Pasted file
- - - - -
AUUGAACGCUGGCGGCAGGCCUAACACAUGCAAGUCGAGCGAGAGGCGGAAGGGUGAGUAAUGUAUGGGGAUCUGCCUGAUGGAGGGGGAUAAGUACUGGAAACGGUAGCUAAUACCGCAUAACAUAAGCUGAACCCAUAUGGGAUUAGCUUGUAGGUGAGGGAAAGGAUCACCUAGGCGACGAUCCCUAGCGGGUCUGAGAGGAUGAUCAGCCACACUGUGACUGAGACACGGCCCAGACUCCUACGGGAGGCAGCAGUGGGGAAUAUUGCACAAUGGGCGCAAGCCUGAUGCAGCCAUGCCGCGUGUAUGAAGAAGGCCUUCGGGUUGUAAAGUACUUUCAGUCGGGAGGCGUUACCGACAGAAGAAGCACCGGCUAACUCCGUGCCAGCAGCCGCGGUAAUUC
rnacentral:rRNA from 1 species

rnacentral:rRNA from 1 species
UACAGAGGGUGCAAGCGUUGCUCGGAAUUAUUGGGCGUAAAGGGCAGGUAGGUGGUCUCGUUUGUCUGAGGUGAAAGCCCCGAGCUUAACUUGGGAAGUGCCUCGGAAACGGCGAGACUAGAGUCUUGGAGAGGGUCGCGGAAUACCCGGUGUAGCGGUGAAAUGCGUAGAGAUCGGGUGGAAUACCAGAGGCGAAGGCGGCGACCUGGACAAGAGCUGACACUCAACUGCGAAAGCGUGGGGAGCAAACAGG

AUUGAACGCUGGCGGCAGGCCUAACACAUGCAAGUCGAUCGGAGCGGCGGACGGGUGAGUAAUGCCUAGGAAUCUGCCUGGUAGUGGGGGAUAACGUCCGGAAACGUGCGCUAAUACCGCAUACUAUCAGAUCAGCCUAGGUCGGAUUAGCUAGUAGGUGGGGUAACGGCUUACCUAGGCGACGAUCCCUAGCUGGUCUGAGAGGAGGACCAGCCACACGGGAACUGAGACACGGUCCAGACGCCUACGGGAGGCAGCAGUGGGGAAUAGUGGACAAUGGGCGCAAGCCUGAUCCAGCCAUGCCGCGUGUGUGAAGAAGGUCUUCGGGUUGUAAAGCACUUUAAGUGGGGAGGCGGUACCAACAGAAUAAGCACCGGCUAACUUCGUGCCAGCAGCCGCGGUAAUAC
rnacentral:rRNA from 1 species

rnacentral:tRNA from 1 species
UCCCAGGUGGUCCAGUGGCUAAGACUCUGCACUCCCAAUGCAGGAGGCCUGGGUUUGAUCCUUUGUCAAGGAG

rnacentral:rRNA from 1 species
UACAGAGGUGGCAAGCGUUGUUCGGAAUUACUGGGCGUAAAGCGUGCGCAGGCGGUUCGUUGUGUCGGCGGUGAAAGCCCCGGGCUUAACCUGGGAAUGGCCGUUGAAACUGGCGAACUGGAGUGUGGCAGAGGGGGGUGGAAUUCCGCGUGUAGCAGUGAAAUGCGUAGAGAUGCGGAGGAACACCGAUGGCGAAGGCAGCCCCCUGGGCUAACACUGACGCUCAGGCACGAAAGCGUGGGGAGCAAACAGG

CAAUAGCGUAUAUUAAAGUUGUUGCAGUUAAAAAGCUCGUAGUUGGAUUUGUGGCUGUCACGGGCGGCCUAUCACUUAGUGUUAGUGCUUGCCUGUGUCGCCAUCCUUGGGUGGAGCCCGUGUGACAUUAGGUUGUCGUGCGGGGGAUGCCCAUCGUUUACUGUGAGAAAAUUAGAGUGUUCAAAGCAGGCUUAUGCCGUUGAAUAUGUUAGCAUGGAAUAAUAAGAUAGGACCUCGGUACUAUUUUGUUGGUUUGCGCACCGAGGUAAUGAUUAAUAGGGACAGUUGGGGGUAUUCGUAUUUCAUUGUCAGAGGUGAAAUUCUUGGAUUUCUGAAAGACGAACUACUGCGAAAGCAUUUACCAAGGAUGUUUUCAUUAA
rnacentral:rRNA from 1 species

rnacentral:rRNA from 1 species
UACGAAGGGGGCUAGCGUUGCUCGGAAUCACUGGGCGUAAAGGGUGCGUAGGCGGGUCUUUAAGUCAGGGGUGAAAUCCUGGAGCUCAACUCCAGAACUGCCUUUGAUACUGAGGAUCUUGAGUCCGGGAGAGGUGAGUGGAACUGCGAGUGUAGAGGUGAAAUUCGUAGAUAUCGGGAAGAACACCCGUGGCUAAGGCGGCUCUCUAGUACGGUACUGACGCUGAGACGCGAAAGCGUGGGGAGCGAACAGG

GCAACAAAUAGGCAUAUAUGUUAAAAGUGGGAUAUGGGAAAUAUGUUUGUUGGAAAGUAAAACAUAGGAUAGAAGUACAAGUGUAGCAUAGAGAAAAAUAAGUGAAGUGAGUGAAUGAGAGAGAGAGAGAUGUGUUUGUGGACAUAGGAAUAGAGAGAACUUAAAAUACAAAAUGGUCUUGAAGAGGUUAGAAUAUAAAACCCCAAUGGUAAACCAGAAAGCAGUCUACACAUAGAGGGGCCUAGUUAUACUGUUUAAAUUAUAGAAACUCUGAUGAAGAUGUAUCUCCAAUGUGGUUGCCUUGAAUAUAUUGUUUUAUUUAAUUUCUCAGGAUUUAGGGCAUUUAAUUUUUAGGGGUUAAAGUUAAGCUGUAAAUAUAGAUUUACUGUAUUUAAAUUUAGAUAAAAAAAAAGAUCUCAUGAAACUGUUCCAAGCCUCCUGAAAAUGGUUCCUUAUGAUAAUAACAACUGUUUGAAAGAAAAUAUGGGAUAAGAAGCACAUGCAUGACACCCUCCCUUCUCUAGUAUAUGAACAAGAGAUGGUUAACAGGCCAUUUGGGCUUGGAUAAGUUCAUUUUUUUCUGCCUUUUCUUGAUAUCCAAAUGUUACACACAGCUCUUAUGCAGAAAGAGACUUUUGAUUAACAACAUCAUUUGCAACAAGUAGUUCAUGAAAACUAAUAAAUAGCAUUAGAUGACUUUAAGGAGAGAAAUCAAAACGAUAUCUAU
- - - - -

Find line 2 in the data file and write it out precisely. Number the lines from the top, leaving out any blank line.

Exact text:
rnacentral:rRNA from 1 species